The question is, does your drone pilot know this? Do they know the particular things about our business that need to be featured? You can give them a detailed shot list, but you aren’t a pilot or movie director. The person you hire should already know what makes a self-storage facility enticing to viewers. Your property is loaded with showcase-worthy features. Experience will ensure they aren’t missed.

7. Highlight all facility features.

Don’t forget to capture everything! You have a unique perspective on what makes your self-storage facility great. Maybe it’s the goose-neck lighting or the water fountain in front of your office, or outstanding architecture or curb appeal. But there are also many mundane extras your customers need to see. They want to know your facility is fenced, has cameras mounted on the buildings, and where the kiosk is located. They need to see that your roofs are in good condition, your gravel driveways don’t have divots and the grass has been cut.

Your photos and videos should highlight everything about your property that’ll invite someone to store with you, during the day and at night. If you have great lighting, see if your pilot can come back after dark to showcase it.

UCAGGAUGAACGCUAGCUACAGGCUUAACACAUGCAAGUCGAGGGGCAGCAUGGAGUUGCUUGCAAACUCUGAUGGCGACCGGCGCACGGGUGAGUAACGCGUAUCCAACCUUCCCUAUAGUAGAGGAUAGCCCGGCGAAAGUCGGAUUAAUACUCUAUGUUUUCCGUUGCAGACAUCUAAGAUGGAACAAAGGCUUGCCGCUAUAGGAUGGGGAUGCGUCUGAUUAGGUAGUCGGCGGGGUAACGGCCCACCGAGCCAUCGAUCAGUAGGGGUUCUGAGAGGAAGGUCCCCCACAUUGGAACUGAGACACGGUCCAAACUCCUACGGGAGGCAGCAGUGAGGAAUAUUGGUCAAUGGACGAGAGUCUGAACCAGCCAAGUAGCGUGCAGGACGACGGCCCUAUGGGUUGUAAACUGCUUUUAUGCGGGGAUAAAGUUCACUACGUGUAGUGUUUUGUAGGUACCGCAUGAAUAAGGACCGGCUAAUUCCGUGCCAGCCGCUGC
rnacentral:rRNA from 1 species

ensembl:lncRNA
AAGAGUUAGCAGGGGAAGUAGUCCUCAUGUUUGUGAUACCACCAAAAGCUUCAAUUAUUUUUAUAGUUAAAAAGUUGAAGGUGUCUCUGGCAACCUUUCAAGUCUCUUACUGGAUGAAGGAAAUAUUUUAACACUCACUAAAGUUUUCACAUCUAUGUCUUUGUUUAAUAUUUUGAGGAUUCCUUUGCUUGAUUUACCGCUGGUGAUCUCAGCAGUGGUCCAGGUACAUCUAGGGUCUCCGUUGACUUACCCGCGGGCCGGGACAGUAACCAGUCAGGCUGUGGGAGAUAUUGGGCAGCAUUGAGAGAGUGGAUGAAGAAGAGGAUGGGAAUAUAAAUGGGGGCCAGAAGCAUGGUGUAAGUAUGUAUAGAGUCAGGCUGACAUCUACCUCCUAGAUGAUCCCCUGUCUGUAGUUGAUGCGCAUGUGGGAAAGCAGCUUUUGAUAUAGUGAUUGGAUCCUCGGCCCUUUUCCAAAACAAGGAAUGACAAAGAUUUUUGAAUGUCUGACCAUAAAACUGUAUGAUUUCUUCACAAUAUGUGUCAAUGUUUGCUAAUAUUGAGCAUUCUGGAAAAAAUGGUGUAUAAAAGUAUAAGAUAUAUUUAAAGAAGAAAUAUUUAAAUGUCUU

Your drone pilot will only be on site for a few hours at most, so make sure they capture it all. If there’s something you’re particularly proud of, be sure to mention it.

8. Acquire properly edited media.

Drones capture photos and video in amazing detail. The videos are especially mesmerizing. But that quality comes at the cost of extremely large files. A 4K or 8K video can be several hundred megabytes for less than 60 seconds of footage.

The size and quality of all your drone media really matters. Most of the time, some editing is required to convert the raw footage into useable files. Often there are a few seconds at the beginning or end that are unusable as the drone lines up its shot or your self-storage facility leaves the frame. At the end of the project, will you have pictures and video that are ready to use, or will you have to enlist someone else to create that short video, brighten up those pictures, or photoshop those annoying telephone lines that are in every shot?